Triple Sense-Making of Findings from Marketing Experiments Using the Dominant Variable Based-Logic, Case-Based Logic, and Isomorphic Modeling
AbstractThe study describes the complementary benefits of model-building and data analysis using algorithm and statistical modeling methods in the context of unobtrusive marketing field experiments and in transforming findings into isomorphic management models. Relevant for marketing performance measurement, case-based configural analysis is a relatively new paradigm in crafting and testing theory. Statistical testing of hypotheses to learn net effects of individual terms in multiple regression analysis is the current dominant logic. Isomorphic modeling might best communicate what executives should decide using the findings from algorithm and statistical models. We test these propositions using data from an unobtrusive field experiment in a retailing context that includes two levels of expertise, four price-points, and presence versus absence of a friend ("pal" condition) during the customer-salesperson interactions (n=240 store customers). The analyses support the conclusion that all three approaches to modeling provide useful complementary information substantially above the use of one alone and that transforming findings from such models into isomorphic management models is possible.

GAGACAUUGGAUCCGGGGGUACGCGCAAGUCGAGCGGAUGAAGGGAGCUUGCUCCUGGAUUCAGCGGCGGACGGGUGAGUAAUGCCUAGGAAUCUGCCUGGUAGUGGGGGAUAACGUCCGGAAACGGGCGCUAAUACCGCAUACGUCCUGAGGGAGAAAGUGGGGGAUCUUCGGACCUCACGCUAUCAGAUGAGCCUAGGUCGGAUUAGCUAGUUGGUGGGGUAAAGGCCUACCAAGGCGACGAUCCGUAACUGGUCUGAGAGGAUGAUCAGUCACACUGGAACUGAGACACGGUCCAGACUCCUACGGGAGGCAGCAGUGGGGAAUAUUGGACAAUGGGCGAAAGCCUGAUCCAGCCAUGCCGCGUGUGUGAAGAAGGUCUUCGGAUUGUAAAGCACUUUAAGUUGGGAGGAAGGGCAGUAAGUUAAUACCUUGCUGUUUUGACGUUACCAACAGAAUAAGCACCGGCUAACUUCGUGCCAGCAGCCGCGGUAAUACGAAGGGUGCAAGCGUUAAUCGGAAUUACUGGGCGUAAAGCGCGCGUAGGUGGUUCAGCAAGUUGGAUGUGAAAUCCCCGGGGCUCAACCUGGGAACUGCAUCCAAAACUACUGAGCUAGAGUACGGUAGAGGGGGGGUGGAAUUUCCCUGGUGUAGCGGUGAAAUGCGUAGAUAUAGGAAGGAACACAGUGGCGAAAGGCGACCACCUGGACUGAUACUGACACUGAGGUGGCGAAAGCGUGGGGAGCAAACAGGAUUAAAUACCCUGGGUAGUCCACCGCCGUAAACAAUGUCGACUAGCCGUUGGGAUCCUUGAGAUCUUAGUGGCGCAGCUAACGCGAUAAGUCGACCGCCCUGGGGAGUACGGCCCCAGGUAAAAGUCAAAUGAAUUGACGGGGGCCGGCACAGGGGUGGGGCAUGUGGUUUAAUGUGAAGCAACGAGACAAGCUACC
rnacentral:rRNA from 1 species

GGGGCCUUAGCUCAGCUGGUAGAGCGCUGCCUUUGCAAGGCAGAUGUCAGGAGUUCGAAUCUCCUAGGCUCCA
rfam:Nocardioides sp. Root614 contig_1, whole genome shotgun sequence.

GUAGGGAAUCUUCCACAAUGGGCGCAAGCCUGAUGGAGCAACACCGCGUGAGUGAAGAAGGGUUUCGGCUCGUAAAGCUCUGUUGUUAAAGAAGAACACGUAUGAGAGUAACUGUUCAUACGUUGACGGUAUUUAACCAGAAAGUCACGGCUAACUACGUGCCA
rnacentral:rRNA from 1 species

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Bibliographic InfoArticle provided by College of Business, and College of Finance, Feng Chia University, Taichung, Taiwan in its journal International Journal of Business and Economics.
Volume (Year): 12 (2013)
Issue (Month): 2 (December)
configural analysis; field experiment; fuzzy set qualitative comparative analysis; multiple regression analysis; isomorphic management model;
Find related papers by JEL classification:
- C18 - Mathematical and Quantitative Methods - - Econometric and Statistical Methods and Methodology: General - - - Methodolical Issues: General
- C93 - Mathematical and Quantitative Methods - - Design of Experiments - - - Field Experiments
- D12 - Microeconomics - - Household Behavior - - - Consumer Economics: Empirical Analysis
Please report citation or reference errors to , or , if you are the registered author of the cited work, log in to your RePEc Author Service profile, click on "citations" and make appropriate adjustments.:
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